In 1854, Rabbi Yehoshua Rokeach, the Belzer Rebbe, suffered from a succession of mysterious ailments. Although he was in much pain, he maintained a cheerful countenance. His chassidim, however, were greatly worried–not just because of the illnesses themselves, for they were all curable, but because of certain disturbing hints from the Rebbe that he sensed that his end was near.
The next time the Rabbe’s condition worsened, they decided to spare no expense and bring him to Vienna. There, in the finest medical facility in Europe, they took him to be examined by top specialists. The doctors announced their diagnosis: an immediate and risky operation was urgently necessary.
The Belzer Rebbe made his preparations. He immersed in the mikveh; he wrote his will; he recited with great emotion the words of the viduy (final confession). Only then did he allow himself to be placed on the operating table.
The surgical team assembled around the Rebbe. All awaited the chief surgeon’s signal to the anesthetist to begin his procedure.
Suddenly, to everyone’s surprise, the Rebbe called out to one of the surgeons. After confirming his first name, he said: “Moses? You’re a Jew, aren’t you?” The doctor quietly nodded his head.
Moses, whose given name was actually Moshe Yitzchak, was from a small town called Linden. There he had grown up in a traditional Jewish home. His father had tried his best to provide him a strong Jewish education, but alas, the boy’s heart was drawn in a completely different direction. As his head filled with visions of more cosmopolitan, attracting vistas, he grew further and further from the values of his nurturing home. As soon as he was of age, he left Linden and his distraught parents, and headed for the great metropolis of Vienna.
The first step he took in his new life was to change his name to Moses. Next, he enrolled in a secular school, where thanks to his brilliant mind and determined diligence, he caught up to and surpassed his age-mates by absorbing an extraordinary large amount of material in a relatively short period of time.
Armed with his decree, he was accepted to the medical school of the university, and there too he was highly successful. Soon after he became established as a first-class physician and surgeon.
The more he succeeded, the further he drifted from his Jewish roots. No longer could anyone recognize the sophisticated Dr. Moses as the small-town Moshe Yitzchak of Linden.
Although Moses’ nod of affirmation of his Jewish identity was small and unobtrusive, it was noticed by everyone in the room. There was absolute silence when the Rebbe continued: “Moses, do you believe that G-d Al-mighty created the world and conducts it?” After a short hesitation the perplexed Moses answered, “Yes, Rabbi, I do.”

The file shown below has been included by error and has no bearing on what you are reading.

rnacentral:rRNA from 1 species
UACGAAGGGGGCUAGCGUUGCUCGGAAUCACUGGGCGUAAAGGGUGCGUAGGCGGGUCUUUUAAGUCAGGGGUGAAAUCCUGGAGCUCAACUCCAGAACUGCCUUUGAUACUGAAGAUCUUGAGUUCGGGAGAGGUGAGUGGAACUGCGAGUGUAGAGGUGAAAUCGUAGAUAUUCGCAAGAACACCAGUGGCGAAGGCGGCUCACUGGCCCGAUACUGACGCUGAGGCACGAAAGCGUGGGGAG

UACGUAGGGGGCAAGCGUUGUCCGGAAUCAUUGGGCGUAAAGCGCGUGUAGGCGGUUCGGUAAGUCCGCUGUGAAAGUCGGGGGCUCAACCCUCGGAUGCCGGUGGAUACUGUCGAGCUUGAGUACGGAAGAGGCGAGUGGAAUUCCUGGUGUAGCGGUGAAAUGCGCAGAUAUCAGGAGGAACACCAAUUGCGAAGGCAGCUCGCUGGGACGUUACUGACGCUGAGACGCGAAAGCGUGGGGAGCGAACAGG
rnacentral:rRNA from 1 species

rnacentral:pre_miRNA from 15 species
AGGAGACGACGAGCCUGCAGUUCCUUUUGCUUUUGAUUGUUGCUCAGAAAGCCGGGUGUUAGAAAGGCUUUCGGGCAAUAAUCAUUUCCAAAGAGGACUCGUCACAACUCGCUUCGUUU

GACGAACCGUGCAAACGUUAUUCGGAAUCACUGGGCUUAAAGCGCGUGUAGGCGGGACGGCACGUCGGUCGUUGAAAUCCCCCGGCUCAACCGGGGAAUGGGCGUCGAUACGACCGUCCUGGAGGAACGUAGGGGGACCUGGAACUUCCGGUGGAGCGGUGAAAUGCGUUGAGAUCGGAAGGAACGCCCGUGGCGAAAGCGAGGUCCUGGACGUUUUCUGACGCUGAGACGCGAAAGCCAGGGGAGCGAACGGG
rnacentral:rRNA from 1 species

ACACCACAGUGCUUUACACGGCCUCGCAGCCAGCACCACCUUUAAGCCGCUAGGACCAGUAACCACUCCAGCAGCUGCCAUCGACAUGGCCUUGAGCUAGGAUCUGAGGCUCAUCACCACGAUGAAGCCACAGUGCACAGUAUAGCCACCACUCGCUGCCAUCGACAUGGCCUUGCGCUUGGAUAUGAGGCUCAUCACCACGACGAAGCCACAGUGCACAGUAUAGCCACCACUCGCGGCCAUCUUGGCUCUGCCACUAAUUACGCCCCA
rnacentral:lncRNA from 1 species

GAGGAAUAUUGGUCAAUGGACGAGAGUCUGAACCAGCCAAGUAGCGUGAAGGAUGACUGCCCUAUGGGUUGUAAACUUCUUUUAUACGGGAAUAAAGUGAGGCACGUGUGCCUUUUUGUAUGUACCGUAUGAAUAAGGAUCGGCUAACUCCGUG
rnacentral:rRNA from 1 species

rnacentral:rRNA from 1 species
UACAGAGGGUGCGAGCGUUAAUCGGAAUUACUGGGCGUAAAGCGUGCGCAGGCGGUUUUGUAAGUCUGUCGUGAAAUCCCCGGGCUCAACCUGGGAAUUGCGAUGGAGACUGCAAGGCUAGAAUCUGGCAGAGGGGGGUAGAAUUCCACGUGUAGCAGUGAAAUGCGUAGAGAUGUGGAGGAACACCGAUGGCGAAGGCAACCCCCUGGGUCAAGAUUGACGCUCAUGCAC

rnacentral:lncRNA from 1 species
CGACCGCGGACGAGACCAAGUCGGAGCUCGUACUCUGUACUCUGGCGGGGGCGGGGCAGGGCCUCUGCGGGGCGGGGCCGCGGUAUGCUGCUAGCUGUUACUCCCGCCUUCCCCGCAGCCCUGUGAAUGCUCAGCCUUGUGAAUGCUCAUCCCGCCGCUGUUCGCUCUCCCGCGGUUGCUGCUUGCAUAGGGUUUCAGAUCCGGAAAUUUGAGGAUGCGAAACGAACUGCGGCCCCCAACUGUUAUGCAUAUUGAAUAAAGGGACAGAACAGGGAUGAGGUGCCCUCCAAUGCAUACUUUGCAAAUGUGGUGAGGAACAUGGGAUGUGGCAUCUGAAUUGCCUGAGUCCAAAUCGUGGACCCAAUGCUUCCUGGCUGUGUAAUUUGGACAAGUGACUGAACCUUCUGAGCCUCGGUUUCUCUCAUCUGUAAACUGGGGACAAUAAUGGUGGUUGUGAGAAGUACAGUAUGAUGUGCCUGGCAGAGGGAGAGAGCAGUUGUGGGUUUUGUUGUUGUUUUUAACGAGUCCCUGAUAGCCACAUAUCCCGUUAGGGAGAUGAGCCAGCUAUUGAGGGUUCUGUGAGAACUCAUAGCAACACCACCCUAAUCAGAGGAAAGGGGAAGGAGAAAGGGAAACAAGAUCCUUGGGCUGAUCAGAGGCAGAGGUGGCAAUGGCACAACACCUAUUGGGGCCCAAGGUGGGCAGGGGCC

The medical staff looked on in astonishment, but the Rebbe seemed oblivious to their stares as all his attention was focused on the doctor. “And Moshiach, the righteous redeemer, who any moment will come and redeem our people from the exile? Do you believe that, Moses?”
This time Moses was acquiescent longer. He selected his words carefully. “Uh, I believe that there will come a certain time when there will be a redemption, but I don’t believe that it will come about through a Messiah, a single person, who will rule over the whole world and everyone will be in awe and fear of him. Such a thing is not within the realm of rational possibility; so I can’t accept it.”
The Belzer lifted his head and turned to face Moses directly. He opened wide his eyes, two shining orbs radiating kindness and goodness, but also power and authority.
The Rebbe’s penetrating gaze fastened on Moses. He felt it burning into him. He tried to avert his own eyes but was unable. It was as if they were magnetically attached to those of the Rebbe.
The stunned members of the medical team saw their comrade’s face turn deathly pale, then blush bright as a beet. Then again white, again red. His whole body was trembling and his hands had begun to shake. They had no idea what to think of this unexpected bizarre interaction, but they realized Moses must be undergoing some sort of spiritual or emotional trauma.
The tension was palpable. Moses was panting and breathing with difficulty as if he had just completed a long-distance run. He tried his best to calm himself and relax, but found himself unable to. The simple fact that someone had asserted control over him with just a glance kept him in internal turmoil.
Finally, the Rebbe averted his eyes from Moses. The surgeon felt his composure return. Then the Rebbe looked at him again, and studied his face, but this time his gaze was caressing. “Nu, Moses, now do you believe that an individual is capable of arousing awe in all those around him with just a glance of the eyes?”
Moses nodded in silent admission.
“Well, Moses, that is exactly how it will be when Moshiach arrives. G-d’s chosen one will rule over the entire world, and everyone will abandon their evil ways and turn towards G-d.”
“The Rebbe is right; I was mistaken,” muttered the abashed physician.
The drama over, the operation was able to take place. Afterwards, it was pronounced a great success, and thousands of chassidim breathed sighs of relief.
Fifteen days later the Belzer Rebbe was discharged. He boarded the train to return to Belz from Vienna. To the deep sorrow of his followers, however, he never arrived, but went to his eternal reward on 23 Sehvat, at age 59, during the course of the journey. Among those that merited to be in the small group of disciples present at the moment that the Rebbe passed on was his devoted chassid, Moshe Yitzchak of Linden.
Biographical note: Rabbi Yehoshua Rokeach (1825-1894) was the fifth son and the successor to his father, Rabbi Sholom, the first Rebbe of Belz. A major leader of Galician Jewry, he was also the founder of Machzikei HaDas, perhaps the first Orthodox Jewish organization to be involved in government politics, and still a force in Israel today.